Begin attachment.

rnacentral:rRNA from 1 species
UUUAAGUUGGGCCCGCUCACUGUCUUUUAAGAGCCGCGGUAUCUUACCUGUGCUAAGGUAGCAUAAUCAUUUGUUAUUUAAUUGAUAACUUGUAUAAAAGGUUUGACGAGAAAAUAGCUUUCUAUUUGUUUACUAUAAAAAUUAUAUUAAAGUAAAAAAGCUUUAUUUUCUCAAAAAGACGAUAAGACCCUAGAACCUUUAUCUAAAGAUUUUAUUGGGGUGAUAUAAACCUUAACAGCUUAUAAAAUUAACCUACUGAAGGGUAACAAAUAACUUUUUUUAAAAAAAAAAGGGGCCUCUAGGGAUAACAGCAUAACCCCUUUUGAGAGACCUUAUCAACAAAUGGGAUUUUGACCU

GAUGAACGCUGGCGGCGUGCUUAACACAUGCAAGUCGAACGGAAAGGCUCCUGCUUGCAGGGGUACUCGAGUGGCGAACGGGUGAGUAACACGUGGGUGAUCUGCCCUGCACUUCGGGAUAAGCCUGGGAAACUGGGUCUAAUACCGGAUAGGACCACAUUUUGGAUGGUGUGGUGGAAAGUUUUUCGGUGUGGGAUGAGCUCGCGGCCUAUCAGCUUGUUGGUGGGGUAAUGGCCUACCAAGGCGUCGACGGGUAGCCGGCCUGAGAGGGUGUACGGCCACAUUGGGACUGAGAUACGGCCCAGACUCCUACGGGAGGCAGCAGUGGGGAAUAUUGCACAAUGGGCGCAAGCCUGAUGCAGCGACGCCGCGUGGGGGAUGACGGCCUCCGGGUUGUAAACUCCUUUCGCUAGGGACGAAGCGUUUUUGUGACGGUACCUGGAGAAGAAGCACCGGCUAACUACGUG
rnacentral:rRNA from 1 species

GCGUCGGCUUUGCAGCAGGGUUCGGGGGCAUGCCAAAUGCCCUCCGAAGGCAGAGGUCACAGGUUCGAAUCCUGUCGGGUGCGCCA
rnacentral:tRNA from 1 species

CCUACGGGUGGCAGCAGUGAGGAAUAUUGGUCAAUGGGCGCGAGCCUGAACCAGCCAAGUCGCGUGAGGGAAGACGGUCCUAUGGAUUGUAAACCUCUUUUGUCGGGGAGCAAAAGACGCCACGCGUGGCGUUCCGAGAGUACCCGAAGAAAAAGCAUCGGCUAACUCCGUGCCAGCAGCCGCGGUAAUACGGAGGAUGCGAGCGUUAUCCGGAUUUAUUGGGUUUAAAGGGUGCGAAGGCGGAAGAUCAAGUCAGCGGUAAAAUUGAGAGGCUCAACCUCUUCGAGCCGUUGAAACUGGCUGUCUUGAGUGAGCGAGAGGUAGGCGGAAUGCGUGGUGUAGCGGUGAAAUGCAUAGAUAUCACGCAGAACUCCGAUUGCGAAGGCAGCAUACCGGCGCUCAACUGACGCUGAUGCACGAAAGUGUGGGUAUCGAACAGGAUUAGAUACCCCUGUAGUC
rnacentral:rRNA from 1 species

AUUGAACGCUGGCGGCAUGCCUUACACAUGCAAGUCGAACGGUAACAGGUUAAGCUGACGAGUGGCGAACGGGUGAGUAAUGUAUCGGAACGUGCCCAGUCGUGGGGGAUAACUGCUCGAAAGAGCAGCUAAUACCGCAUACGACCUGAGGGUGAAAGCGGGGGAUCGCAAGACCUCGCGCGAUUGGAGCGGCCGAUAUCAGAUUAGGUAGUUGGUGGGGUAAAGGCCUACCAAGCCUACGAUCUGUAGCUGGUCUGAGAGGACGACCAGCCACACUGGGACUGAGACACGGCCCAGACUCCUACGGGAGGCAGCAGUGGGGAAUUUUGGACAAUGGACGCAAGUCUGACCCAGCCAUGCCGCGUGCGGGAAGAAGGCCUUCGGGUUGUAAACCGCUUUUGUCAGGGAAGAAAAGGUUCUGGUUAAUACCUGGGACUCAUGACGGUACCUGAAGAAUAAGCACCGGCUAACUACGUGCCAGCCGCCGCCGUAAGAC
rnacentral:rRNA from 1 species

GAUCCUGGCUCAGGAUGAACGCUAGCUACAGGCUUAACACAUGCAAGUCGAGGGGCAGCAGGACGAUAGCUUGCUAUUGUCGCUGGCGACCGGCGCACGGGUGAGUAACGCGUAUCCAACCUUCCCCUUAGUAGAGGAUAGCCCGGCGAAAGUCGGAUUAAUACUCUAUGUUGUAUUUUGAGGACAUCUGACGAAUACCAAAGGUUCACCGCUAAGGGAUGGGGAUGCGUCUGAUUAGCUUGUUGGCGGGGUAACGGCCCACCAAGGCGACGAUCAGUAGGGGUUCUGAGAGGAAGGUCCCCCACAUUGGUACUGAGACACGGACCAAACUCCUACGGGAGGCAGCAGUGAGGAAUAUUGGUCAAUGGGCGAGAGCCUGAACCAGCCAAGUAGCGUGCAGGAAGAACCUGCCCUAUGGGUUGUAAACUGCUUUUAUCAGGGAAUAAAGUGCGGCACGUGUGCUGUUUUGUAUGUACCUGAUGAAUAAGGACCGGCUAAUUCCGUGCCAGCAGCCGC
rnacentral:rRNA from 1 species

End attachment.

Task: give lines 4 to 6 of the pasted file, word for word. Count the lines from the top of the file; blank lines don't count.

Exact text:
rnacentral:rRNA from 1 species

GCGUCGGCUUUGCAGCAGGGUUCGGGGGCAUGCCAAAUGCCCUCCGAAGGCAGAGGUCACAGGUUCGAAUCCUGUCGGGUGCGCCA
rnacentral:tRNA from 1 species